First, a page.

I dream of owning the perfect greenhouse. I know exactly what I want it to look like, but the financial reality is that it will take several more years to save for it. We live in an area with a short growing season so I’m always looking for ways to extend the season. Winter Sowing is an inexpensive, fool-proof way to get a jump start on growing those vegetables.
I researched this method and was completely intrigued by the concept. Last year I started my seedlings in disposable plastic drinking cups lined up in strawberry flat boxes. On good days, I carried them outside to capture the sunshine and to allow the breezes to strengthen them. Day after day I carried all 8 flats outside and back in. It was quite labor intensive but the result was strong, healthy plants that adjusted without any problems once transplanted. A friend told me about this new method that he had discovered and I new I had to give it a try.
You do not have to wait for good weather to start your seeds. Plant them and forget about them. When the timing is right they will grow. I started my first batch of early vegetables in late January and they were ready to transplant in late March. When I started the tomatoes in March, they took quite a while to germinate. I almost gave up when I noticed they had started to grow. The peppers took longer to germinate than the tomatoes, which would be expected because they are a hot weather crop.
Winter sowing is the easiest method I have tried yet. I pretty much just ignored them with the except for giving them an occasional drink of water. Try it for yourself!
Winter Sowing Experiment
Winter sowing is supposed to produce healthy, cold hearty plants without worry or hassle. Come rain, snow or shine the seeds germinate when they are ready and the little seedlings stay protected. Our experiment with early vegetables went much better than anticipated. This really works!
Many containers will work nicely for winter sowing. The important thing is to make sure the water can drain out the bottom and the plant can breath out the top.
Used milk or water jugs work well for winter sowing. Poke holes in the bottom of the container for drainage. We found that the easiest way to accomplish this is to heat a Phillips screwdriver tip over a can of canned heat and poke it through the plastic. The hot tip makes a nice hole without cracking the container. Cut the jug under the handle all the way around except where the label is. The label works well to act like a hinge.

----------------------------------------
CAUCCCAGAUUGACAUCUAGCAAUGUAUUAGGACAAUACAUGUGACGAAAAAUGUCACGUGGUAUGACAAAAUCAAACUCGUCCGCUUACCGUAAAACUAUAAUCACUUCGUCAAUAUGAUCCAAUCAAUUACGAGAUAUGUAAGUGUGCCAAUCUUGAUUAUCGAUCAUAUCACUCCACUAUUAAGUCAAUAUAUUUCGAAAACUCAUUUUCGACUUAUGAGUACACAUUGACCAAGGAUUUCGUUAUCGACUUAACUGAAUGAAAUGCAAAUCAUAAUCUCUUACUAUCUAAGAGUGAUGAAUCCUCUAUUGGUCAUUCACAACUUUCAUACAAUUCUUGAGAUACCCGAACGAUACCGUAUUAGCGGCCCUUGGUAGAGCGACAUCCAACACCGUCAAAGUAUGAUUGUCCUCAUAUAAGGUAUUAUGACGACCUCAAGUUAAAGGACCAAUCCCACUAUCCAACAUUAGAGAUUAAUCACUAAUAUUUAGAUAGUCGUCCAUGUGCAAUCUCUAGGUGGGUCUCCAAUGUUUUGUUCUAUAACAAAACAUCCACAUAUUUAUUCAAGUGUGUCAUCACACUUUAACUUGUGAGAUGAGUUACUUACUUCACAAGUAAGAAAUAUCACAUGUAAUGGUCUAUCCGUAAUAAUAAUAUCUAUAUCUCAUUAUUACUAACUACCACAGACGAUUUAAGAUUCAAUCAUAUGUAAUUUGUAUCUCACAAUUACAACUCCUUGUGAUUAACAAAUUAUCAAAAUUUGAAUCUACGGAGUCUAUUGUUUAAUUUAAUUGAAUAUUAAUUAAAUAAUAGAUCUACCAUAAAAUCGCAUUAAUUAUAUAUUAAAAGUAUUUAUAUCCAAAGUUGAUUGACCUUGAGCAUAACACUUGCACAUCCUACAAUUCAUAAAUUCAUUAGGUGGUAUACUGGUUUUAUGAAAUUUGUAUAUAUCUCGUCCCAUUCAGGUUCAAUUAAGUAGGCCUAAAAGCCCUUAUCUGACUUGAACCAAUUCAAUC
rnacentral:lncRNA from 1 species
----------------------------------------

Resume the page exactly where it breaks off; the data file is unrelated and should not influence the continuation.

Recycled 2 liter bottles work nicely for winter sowing. Poking the holes in the bottom is a little tricky, but the hot screwdriver makes it simple. Our 8 year old son poked holes in over 50 bottles for us. He had a great time.
Once the containers are cut and the holes are made, you are ready to plant. Fill the containers 2-3 inches with a good moistened potting soil. Plant the seeds and close up the containers with Duct tape. We chose to keep our containers against this south facing brick wall. It is a little bit warmer there and they are protected from the wind.
The tops of the containers should be open to allow for ventilation. I mark the container with the name of the vegetable or flower and the date planted. Make sure to water them well after planting and then just forget about them for awhile. There will usually be condensation inside the container. If there is not, it probably needs to be watered.
These Russian kale seedlings are ready to plant. Notice how healthy and strong they look.
It has been one month since those seedlings were transplanted. Here we are in late April and we have already harvested leaves off of these for several meals while our neighbors seedlings are just emerging.
This is romaine and red romaine lettuce. As you can see we have been harvesting leaves from these plants for a couple of weeks now. The plants are healthy and the lettuce very sweet.
This is how our line up of containers looked. They are tucked under black raspberry bushes against a wall for protection.
Very happy winter sown red cabbage plant one month after transplanting.
Again ... very healthy Russian kale plant started in a winter sown container.
Again ... 4 weeks after transplanting seedlings this green cabbage is doing very well.
Once all of the early vegetables were planted into the garden beds, I used the containers to start the later crops. This container has a tomato start that is ready to transplant out. There are peppers, tomatoes, flowers, onions, and other seedlings in the containers now.
Some successful examples of winter sowing gardeners: Get Busy Gardening, Utah Valley Gardens, Garden Web, Winter Sown and A Garden for the House. Give it a try. Greenhouse plants are expensive and don’t provide the same exciting varieties of vegetables that you can get by starting your own. Winter sowing makes it easy to successfully start your own seedlings for only pennies with very little work.